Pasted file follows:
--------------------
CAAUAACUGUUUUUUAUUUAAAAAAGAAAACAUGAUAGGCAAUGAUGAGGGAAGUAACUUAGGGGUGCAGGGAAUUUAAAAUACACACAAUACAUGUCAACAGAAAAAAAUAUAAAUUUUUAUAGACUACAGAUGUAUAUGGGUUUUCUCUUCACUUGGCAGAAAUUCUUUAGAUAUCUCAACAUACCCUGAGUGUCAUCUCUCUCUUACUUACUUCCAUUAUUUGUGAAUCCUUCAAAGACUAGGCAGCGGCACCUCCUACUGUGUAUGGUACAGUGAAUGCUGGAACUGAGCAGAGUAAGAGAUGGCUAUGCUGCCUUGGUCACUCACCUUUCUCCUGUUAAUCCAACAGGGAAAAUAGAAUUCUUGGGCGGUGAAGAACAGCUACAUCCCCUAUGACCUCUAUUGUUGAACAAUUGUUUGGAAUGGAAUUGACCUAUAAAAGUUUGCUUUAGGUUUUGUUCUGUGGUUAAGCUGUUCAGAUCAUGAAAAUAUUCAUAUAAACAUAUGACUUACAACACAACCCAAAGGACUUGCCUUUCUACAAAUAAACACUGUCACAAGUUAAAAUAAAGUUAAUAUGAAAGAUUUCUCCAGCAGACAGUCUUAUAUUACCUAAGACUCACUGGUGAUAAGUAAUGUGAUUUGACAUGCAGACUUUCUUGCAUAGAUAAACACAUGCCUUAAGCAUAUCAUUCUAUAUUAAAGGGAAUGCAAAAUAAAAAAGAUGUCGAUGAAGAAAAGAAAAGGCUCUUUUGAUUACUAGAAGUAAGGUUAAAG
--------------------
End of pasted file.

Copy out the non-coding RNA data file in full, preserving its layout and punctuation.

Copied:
CAAUAACUGUUUUUUAUUUAAAAAAGAAAACAUGAUAGGCAAUGAUGAGGGAAGUAACUUAGGGGUGCAGGGAAUUUAAAAUACACACAAUACAUGUCAACAGAAAAAAAUAUAAAUUUUUAUAGACUACAGAUGUAUAUGGGUUUUCUCUUCACUUGGCAGAAAUUCUUUAGAUAUCUCAACAUACCCUGAGUGUCAUCUCUCUCUUACUUACUUCCAUUAUUUGUGAAUCCUUCAAAGACUAGGCAGCGGCACCUCCUACUGUGUAUGGUACAGUGAAUGCUGGAACUGAGCAGAGUAAGAGAUGGCUAUGCUGCCUUGGUCACUCACCUUUCUCCUGUUAAUCCAACAGGGAAAAUAGAAUUCUUGGGCGGUGAAGAACAGCUACAUCCCCUAUGACCUCUAUUGUUGAACAAUUGUUUGGAAUGGAAUUGACCUAUAAAAGUUUGCUUUAGGUUUUGUUCUGUGGUUAAGCUGUUCAGAUCAUGAAAAUAUUCAUAUAAACAUAUGACUUACAACACAACCCAAAGGACUUGCCUUUCUACAAAUAAACACUGUCACAAGUUAAAAUAAAGUUAAUAUGAAAGAUUUCUCCAGCAGACAGUCUUAUAUUACCUAAGACUCACUGGUGAUAAGUAAUGUGAUUUGACAUGCAGACUUUCUUGCAUAGAUAAACACAUGCCUUAAGCAUAUCAUUCUAUAUUAAAGGGAAUGCAAAAUAAAAAAGAUGUCGAUGAAGAAAAGAAAAGGCUCUUUUGAUUACUAGAAGUAAGGUUAAAG